Math Books

I had never considered myself a “math person” and, about ten years ago, I heard someone talk about how ridiculous that sounded, especially since no one is embarrassed to announce that at a party. No one would walk into a group of people chatting about a novel and say “I’ve never considered myself a ‘word’ person.” Just about everyone would feel just a little inferior if they said that, but no one feels that way about math. It’s as if it’s a special club that few elite are members of. They suggested we stop using that phrase and encourage others to do so as well. It screams our willful ignorance on a topic that touches our lives on a daily basis. She said that we were probably taught about numbers before we were ready to learn them and then convinced by the school system that because of that we should consider ourselves “not good at math” and pursue other subjects. I’ve spent the last ten years trying to rediscover math on my own terms. And I’ve fallen in love with the subject! Maybe not to the extent that an expert in the subject would, but I can follow the logic and understand math that occurs all around us every day, much the same way most of us use words to function in the world.

Right now I’m reading an awesome book called, “Euclid’s Window” by Leonard Mlodinow. It’s about the history of math which, amazingly, involves humans that are trying to explain things. It’s such a great read that I find myself reading it first thing in the morning and for a few minutes before I go to bed!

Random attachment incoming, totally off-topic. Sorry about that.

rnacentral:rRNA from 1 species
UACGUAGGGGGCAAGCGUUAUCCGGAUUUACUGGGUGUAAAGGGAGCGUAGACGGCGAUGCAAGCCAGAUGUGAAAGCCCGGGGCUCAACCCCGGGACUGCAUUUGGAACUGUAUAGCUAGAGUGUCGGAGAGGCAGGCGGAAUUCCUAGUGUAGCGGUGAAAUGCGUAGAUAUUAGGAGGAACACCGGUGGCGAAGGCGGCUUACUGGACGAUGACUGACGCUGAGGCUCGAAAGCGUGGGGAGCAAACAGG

If you are interested in introducing math to your kids (and yourself in the process), try reading some of the books listed on my Math Resource page instead of starting with abstract math like “This is the number 1.” If you’d like to start working with numbers, I highly recommend “Right Start Math.” Hearing the author explain math that way really helped me overcome my fear by showing me that I wasn’t bad at it, I just wasn’t given the right tools. My sons and I played the games in that pack for years and still have the abacus and scale! You may be amazed at how much you love real world math and that excitement will certainly be passed on to your kids!

The Teenage Liberation Handbook

I love this book! It’s one that I wish I had found when I was a teenager. If you have an older child and you’re thinking about homeschooling or have been for years, I highly recommend you read this book and give it to your teens. It can help light a fire in them to pursue their own education and find their way in the world outside the classroom. Beware of the results, though! Their path may not look like the one you would have chosen for them. Embrace that! Be the support they need to be who they choose to be.

From Sue Patterson’s Newsletter (which I highly recommend you sign up for)!

The Teenage Liberation Handbook: How to Quit School and Get a Real Life and Education was originally published in 1991 by Grace Llwellyn. Now it’s available to you for free! It’s designed partly for the parents, but mainly for the teen who is thinking that the regular brick-and-mortar school isn’t working out for them. Even though it was written 25 years ago, the points are all still valid. It’s full of practical advice, ideas, and encouragement. ”